Skip to main content

Antarctic Glacier Primed to Form Iceberg

Pine Island Glacier Rift from Landsat
For the last year, the Pine Island Glacier in western Antarctica has been seemingly poised to calve off a giant iceberg, or icebergs, that in total would represent an area the size of New York City. Sea ice may have kept the iceberg from breaking free during the southern hemisphere's winter months, but as this Oct. 26, 2012 image from the Landsat 7 satellite shows, the calving front of the glacier is now generally free of sea ice due to the onset of spring. (Image credit: NASA Goddard Space Flight Center)

With its protective sea ice barrier melted away, Antarctica's Pine Island Glacier grows ever closer to finally dropping its New York City-sized iceberg into the ocean, according to NASA.

The giant crack in Pine Island Glacier was first spotted by scientists with NASA's IceBridge mission in 2011 as they surveyed the massive ice shelf in their specially equipped DC-8 plane. A second rift also formed and joined the northern side of the crack in May 2012, as captured on satellite images that track the incipient iceberg.

When IceBridge scientists returned this month, they discovered the original rift now has only about half a mile (less than 1 kilometer) to go before the 300-square-mile (770 square kilometers) berg forms.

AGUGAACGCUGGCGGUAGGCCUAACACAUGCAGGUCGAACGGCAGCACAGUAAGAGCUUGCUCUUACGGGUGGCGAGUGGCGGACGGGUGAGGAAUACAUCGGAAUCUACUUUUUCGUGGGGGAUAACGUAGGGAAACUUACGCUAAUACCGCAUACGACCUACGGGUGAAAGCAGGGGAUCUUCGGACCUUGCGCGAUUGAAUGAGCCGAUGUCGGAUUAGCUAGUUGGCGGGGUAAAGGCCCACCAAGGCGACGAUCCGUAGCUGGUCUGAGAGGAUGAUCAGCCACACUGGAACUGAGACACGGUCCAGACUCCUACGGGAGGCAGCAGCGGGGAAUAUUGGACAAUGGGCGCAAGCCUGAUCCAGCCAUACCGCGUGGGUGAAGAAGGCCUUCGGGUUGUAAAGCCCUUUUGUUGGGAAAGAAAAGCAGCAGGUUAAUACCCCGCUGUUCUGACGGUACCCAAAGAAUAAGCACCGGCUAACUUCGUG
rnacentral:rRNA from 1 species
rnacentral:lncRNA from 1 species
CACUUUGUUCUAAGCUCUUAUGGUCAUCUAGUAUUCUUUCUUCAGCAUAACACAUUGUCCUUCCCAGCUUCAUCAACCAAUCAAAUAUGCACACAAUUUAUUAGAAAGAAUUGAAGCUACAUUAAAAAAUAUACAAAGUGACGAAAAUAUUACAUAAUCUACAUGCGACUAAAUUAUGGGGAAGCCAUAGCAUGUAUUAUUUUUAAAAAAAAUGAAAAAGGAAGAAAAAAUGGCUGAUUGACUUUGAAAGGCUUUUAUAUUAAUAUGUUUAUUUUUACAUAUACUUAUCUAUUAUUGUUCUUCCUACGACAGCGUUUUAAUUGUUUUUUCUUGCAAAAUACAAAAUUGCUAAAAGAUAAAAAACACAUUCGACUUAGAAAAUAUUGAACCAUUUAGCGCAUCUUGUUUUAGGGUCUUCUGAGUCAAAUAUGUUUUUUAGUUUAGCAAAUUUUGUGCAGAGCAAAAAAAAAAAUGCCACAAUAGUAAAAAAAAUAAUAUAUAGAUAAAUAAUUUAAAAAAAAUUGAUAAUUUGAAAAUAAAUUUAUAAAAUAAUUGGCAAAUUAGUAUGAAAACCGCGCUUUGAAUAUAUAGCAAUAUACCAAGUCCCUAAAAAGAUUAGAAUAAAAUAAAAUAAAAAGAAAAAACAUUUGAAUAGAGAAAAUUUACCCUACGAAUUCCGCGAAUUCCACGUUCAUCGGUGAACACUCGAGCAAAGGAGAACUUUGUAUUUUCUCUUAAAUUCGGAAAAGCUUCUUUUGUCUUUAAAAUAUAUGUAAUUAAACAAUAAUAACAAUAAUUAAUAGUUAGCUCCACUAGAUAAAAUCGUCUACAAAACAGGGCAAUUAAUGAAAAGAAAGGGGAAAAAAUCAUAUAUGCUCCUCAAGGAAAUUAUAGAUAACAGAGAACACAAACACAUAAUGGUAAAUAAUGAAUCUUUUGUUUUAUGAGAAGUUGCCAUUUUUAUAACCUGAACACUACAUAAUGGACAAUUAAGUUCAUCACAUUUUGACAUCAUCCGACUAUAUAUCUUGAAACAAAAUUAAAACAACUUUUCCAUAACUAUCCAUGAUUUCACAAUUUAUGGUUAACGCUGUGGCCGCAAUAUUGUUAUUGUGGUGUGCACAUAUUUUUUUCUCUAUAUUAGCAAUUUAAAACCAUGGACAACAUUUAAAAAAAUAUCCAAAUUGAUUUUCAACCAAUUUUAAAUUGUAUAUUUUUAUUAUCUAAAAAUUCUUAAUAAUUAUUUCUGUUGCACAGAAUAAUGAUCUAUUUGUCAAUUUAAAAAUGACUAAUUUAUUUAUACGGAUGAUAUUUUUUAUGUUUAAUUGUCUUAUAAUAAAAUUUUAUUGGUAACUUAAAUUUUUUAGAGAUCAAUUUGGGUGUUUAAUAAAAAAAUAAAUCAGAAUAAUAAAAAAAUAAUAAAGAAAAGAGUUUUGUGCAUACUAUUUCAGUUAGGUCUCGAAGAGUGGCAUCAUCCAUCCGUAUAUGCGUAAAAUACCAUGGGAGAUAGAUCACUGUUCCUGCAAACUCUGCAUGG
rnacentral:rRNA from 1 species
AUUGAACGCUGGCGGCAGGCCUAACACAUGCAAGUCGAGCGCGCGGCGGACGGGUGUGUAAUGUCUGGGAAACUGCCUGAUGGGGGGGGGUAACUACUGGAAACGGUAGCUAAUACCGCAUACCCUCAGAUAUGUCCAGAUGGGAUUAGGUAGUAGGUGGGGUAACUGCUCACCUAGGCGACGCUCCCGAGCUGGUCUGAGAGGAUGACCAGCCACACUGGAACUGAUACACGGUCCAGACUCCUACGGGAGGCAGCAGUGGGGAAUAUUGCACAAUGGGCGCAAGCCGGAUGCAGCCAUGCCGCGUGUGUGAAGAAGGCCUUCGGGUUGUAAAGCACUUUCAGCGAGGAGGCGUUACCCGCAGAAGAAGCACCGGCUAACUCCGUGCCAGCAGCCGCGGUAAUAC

The calving front of Pine Island Glacier is also free of sea ice, as shown in an Oct. 26 image from the Landsat 7 satellite. Warm spring temperatures are melting the sea ice that rings the continent during the winter, and winds help push the remaining ice out to sea. Sea ice acts as a buttress against waves, protecting the front of the glacier from calving, Kelly Brunt, a cryosphere scientist at NASA Goddard Space Flight Center, said in a NASA video about the Pine Island Glacier rift.

"So the fact that there's no sea ice in front of the Pine Island Glacier right now implies that it might be in a state that's sort of primed to calve," she said.

Pine Island Glacier is one of the West Antarctic Ice Sheet's fastest-changing ice shelves, simultaneously thinning and flowing faster out to sea. Melting ice from the region represents the largest input to sea level rise from an Antarctic source, Brunt said. Once the glacier calves, the calving front will be further upstream from any calving front seen in the last 40 years, she added.

Follow OurAmazingPlanet on Twitter @OAPlanet. We're also on Facebook and Google+.

Live Science Staff
For the science geek in everyone, Live Science offers a fascinating window into the natural and technological world, delivering comprehensive and compelling news and analysis on everything from dinosaur discoveries, archaeological finds and amazing animals to health, innovation and wearable technology. We aim to empower and inspire our readers with the tools needed to understand the world and appreciate its everyday awe.